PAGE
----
Signing days aren't just for athletes anymore.
Dozens of people mingled in Finley Stadium's club room Friday night as school names were called out — East Ridge, Soddy-Daisy, Tyner. As the schools were called out, new teachers who will be joining those schools this fall had their pictures taken and gathered together with all the fanfare of a college signing day.
The new teacher signing day was an event brainstormed by the school district's human resources department to bring together and celebrate first-year teachers and teachers who are joining Hamilton County Schools for the first time.
It is part of ongoing efforts this year to better attract, hire and retain teachers in Hamilton County and to "recruit from the first day until the first day [of school]," said Chief Talent Officer Keith Fogleman.
About 350 new teachers will be hired this year, according to district estimates, which is about on par with the number of teachers who come and go each year in a district that regularly has more than 3,000 educators working for it.
As of June 7, 85% of vacancies had been filled for the 2019-20 school year, Fogleman said, but the district is still looking for secondary math and science positions, as well as exceptional education teachers.
But Friday night's event was meant to celebrate and connect new teachers — to show them they are valued, said Erin Kirby, the district's induction specialist.
"This is an excellent opportunity for us to show you how valued you are," Kirby told those gathered at the event. "That's one of the most important things in your first year in Hamilton County is that you feel valued, connected and supported."
New teachers received goodie bags and bingo cards that encouraged them to connect with others in attendance. Dozens of school principals and district leaders were there, welcoming them and chatting about their schools.
The district's induction team, which expanded since Superintendent Bryan Johnson brought Fogleman onboard, was ready to sign teachers up for orientation, the second annual New Teacher Academy, and even to help connect those who might be looking for a roommate.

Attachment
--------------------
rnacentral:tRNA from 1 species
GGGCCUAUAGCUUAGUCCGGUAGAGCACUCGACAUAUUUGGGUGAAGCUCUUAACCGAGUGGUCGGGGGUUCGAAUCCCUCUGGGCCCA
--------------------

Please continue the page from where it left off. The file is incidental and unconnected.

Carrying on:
Jonathan Barry isn't a first-year teacher — this year will actually be his fifth year in the classroom, but he's new to Hamilton County. In his former district, they didn't have anything like this to welcome newcomers, he said.
Barry said he was excited to be joining a school district with a diverse student body. He didn't always know he wanted to teach elementary school, but he knew he wanted to teach.
"I had a lot of teachers growing up that went above and beyond for me, and I wanted to do that," he said. The first time he visited East Ridge Elementary, where he'll be teaching starting this fall, it felt like the right place for him, he said.
Recent graduates Desiree Oliver, Tamela Cooley and Hailey Rapheal agreed that the event was a great way to start meeting other new teachers.
"It's a great way to network with teachers you wouldn't have met otherwise," Oliver said. She graduated from the University of Tennessee at Chattanooga in December and will be joining Tyner Middle School as a special education teacher.
Cooley and Rapheal didn't know each other before Friday night, but found out they will both be working at East Ridge Elementary.
"Tonight, you are able to see a bunch of different people and see the diversity in the district," Cooley said.
Friday's first-ever "signing day," was inspired by similar events held by other school districts in Tennessee, district officials said. An avid college football fan, Johnson said it was modeled after the "signing days" that athletes typically take part in with great fanfare.
This year's signing day is just the beginning of the preparation process. Next, new hires will attend orientation, a New Teacher Academy in July and begin preparing for the school year alongside the other staff at their schools.
The district rolled out extensive new teacher support programs this past school year, including a three-year induction program, new teacher support coaches, a new teacher network, and matched every new teacher with a mentor teacher. These initiatives are an effort to improve the district's first-year retention rate, which hovered around 74 percent at the end of the 2017-18 school year.
Johnson said that, as a former chief academic officer, he knows what it feels like to be in the classroom.
"I've been in the classroom and I truly know what it takes for teachers every day to make sure students are prepared," he said. "We believe that we have the pieces that put us in a place to do that now."
Contact Meghan Mangrum at firstname.lastname@example.org or 423-757-6592. Follow her on Twitter @memangrum.